In accordance with the present invention, a switch closure test method and apparatus for electronic equipment both simplifies and reduces the time required for verification of switch positions and switch operation. Switch position information in the form of logic signals indicative of switch closure status of a plurality of switches is stored in one or more registers. For each switch, a logical 0 is provided by the switch closure to ground and a logical 1 is provided by a pull-up resistor when the switch is open. The logic signals are transferred from the registers to a display memory, from which they are read out and displayed all at once in a predetermined format on a display device such as a cathode-ray tube, wherein each switch is assigned a predetermined display location from which the switch setting may be determined at a glance. The display memory may be updated automatically by cyclically interrogating the registers and transferring the information at a rapid rate so that as switch settings are changed, the changes appear immediately in the viewed display.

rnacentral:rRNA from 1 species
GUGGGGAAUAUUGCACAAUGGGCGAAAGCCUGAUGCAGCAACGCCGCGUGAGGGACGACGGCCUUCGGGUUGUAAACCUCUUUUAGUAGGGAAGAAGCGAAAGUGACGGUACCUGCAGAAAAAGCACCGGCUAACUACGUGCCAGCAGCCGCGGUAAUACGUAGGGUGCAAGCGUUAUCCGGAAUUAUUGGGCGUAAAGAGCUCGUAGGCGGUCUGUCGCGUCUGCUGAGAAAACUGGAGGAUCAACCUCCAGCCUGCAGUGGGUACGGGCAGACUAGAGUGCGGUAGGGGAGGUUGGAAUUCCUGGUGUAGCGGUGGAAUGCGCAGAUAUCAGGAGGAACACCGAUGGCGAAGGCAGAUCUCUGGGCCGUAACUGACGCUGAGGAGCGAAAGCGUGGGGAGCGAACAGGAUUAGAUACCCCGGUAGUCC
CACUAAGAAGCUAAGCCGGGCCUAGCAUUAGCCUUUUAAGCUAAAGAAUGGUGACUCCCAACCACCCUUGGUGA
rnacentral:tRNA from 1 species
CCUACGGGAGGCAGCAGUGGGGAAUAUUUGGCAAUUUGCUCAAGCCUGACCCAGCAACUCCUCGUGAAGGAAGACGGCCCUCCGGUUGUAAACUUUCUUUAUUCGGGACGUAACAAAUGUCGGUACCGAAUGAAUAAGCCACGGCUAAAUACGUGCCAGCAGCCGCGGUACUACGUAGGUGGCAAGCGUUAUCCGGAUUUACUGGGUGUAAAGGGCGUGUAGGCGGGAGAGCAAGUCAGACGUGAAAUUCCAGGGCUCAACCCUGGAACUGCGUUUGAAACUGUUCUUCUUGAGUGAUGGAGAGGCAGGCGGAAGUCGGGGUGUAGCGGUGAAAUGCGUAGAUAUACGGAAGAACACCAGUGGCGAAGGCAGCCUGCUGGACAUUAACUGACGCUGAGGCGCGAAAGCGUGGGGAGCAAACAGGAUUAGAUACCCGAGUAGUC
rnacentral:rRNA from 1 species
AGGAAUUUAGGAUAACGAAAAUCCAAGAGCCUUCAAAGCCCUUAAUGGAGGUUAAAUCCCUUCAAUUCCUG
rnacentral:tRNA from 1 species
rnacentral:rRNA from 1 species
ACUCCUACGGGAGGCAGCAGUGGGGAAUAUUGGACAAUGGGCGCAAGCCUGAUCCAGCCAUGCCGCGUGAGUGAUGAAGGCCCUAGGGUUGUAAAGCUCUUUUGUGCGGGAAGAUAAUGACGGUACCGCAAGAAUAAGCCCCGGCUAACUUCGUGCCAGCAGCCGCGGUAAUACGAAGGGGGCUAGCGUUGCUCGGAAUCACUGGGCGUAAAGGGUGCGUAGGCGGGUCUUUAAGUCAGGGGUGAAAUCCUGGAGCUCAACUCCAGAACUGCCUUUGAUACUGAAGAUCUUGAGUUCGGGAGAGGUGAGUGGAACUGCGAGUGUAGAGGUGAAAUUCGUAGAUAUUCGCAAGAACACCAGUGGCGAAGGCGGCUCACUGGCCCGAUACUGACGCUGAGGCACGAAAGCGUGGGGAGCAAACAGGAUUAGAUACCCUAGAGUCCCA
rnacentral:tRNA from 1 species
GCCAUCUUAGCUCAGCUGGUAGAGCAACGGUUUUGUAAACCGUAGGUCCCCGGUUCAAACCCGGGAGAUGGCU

It is therefore one object of the present invention to provide a switch closure test method and apparatus for simple and rapid checkout of switch positions in electronic equipment.

It is another object of the present invention to provide a switch closure test method and apparatus to permit verification of switch operation of electronic equipment by skilled personnel.

It is a further object of the present invention to provide a switch closure test method and apparatus to facilitate servicing of electronic equipment by allowing the status of all switches associated therewith to be viewed simultaneously on a display device.

Other objects and advantages of the present invention will become apparent from the following description when taken in conjunction with the accompanying drawings.